The classic example of a Fourier series is the representation of a periodic square wave:

*y(t)*= 1 for

*t*between 0 and

*T*/2, and

*y(t)*= -1 for

*t*between

*T*/2 and

*T*, where

*T*is the period. The Fourier series represents this function as a sum of sines and cosines, with frequencies of

*k*/

*T*, where

*k*is an integer,

*k*= 0, 1, 2, …. The square wave function

*y(t)*is odd, so the contributions of the cosine functions vanish. The sine functions contribute for half the frequencies, those with odd values of

*k*. The amplitude of each non-zero frequency is 4/π

*k*(Eq. 11.34 in IPMB), so the very high frequency terms (large

*k*) don’t contribute much.

Being able to calculate the Fourier series is nice, but much more important is being able to visualize it. When I teach my Medical Physics class (PHY 326), based on the last half of IPMB, I stress that students should “think before you calculate.” One ought to be able to predict qualitatively the Fourier coefficients by inspection. Being able to understand a mathematical calculation in pictures and in physical terms is crucially important for a physicist. The Wikipedia article about a square wave has a nice animation of the square wave being built up by adding more and more frequencies to the series. I always insist that students draw figures showing better and better approximations to a function as more terms are added, at least for the first three non-zero Fourier components. You can also find a nice discussion of the square wave at the Wolfram website. However, the best visualization of the Fourier series that I have seen was brought to my attention by one of the PHY 326 students, Melvin Kucway. He found this lovely site, which shows the different Fourier components as little spinning wheels attached to wheels attached to wheels, each with the correct radius and spinning frequency so that their sum traces out the square wave. Watch this animation carefully. Notice how the larger wheels rotate at a lower frequency, while the smaller wheels spin around at higher frequencies. This picture reminds me of the pre-Copernican view of the rotation of planets based on epicycles proposed by Ptolemy.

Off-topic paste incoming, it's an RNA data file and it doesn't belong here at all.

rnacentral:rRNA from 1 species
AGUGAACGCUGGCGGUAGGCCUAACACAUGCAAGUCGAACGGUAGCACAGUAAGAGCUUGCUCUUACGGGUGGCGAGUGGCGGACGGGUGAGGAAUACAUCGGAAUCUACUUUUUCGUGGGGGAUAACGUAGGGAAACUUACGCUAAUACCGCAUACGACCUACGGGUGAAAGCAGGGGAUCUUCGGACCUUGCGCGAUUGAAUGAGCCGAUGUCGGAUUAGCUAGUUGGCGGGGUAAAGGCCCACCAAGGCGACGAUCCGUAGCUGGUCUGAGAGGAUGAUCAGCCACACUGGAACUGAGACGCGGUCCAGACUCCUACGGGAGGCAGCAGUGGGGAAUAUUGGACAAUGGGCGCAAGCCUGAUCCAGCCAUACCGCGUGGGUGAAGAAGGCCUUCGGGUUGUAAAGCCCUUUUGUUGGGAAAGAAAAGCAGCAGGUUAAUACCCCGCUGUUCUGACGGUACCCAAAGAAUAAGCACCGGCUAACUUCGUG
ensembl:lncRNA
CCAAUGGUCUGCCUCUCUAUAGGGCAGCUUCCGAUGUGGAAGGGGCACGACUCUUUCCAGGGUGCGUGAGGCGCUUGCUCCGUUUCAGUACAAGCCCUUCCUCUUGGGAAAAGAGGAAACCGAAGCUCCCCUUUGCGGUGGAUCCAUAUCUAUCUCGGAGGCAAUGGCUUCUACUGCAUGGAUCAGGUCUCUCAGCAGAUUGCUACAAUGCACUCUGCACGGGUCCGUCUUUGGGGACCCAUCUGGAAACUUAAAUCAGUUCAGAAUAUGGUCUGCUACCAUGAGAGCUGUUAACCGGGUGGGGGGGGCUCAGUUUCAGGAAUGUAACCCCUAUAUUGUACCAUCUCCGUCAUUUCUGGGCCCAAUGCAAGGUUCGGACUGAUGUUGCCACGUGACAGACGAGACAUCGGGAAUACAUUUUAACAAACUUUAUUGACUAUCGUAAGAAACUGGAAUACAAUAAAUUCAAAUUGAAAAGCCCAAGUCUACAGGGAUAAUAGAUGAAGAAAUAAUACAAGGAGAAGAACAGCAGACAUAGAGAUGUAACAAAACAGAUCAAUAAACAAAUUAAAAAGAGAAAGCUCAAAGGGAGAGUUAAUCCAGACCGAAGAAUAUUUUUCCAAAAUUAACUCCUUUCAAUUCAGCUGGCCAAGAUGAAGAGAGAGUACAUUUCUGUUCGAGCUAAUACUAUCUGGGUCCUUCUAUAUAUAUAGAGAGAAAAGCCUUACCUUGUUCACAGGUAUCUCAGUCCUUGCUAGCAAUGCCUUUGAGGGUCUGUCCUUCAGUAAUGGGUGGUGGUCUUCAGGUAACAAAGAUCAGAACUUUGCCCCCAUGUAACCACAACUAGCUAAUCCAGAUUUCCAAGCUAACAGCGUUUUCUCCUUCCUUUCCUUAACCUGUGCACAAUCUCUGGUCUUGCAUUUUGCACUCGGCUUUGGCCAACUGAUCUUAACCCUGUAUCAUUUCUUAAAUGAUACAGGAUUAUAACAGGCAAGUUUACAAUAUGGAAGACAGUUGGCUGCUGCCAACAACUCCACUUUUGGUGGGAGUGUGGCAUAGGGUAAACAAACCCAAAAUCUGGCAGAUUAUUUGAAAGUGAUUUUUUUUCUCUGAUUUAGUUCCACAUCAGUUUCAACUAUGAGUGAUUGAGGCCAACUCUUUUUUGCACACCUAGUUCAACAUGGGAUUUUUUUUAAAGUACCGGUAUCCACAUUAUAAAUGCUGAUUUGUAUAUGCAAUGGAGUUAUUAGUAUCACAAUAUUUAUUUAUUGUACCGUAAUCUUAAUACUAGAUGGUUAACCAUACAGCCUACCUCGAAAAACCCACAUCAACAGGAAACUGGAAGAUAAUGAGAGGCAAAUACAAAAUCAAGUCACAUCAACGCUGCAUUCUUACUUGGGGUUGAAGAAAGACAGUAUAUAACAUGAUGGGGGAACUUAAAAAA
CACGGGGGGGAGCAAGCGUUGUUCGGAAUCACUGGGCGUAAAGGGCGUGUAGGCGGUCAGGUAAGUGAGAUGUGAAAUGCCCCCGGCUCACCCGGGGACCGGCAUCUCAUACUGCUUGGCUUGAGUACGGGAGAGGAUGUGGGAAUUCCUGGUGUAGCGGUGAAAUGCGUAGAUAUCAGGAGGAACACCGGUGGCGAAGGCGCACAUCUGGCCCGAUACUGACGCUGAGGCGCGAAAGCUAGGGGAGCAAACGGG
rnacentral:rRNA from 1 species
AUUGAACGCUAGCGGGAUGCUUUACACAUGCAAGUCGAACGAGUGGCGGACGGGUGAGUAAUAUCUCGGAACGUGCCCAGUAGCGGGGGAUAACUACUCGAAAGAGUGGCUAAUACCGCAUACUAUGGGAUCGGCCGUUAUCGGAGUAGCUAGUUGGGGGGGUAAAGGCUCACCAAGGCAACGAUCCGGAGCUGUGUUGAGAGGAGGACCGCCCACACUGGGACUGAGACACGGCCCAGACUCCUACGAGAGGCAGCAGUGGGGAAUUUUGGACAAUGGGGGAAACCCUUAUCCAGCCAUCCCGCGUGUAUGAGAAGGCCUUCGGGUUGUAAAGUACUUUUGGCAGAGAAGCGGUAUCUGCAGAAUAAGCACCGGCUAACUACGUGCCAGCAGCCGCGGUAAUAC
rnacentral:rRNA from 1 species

What is unique about the development of Fourier series in IPMB? Our approach, which I rarely, if ever, see elsewhere, is to derive the Fourier coefficients using a least-squares approach. This may not be the simplest or most elegant route to the coefficients, but in my opinion it is the most intuitive. Also, we emphasize the Fourier series written in terms of sines and cosines, rather than complex exponentials. Why? Understanding Fourier series on an intuitive level is hard enough with trigonometric functions; it becomes harder still when you add in complex numbers. I admit, the math appears in a more compact expression using complex exponentials, but for me it is more difficult to visualize.

If you want a nice introduction to Fourier series, click here or here (in the second site, scroll down to the bottom on the left). If you prefer listening to reading, click here for an MIT Open Courseware lecture about the Fourier series. The two subsequent lectures are also useful: see here and here. The last of these lectures examines the square wave specifically.

One of the fascinating things about the Fourier representation of the square wave is the Gibbs phenomenon. But, I have discussed that in the blog before, so I won’t repeat myself.

What is the Fourier series used for? In IPMB, the main application is in medical imaging. In particular, computed tomography (Chapter 12) and magnetic resonance imaging (Chapter 18) are both difficult to understand quantitatively without using Fourier methods.

As a new year’s resolution, I suggest you master the Fourier series, with a focus on understanding it on a graphical and intuitive level. What is my new year’s resolution for 2014? It is for Russ and I to finish and submit the 5th edition of IPMB to our publishers. With luck, you will be able to purchase a copy before the end of 2015.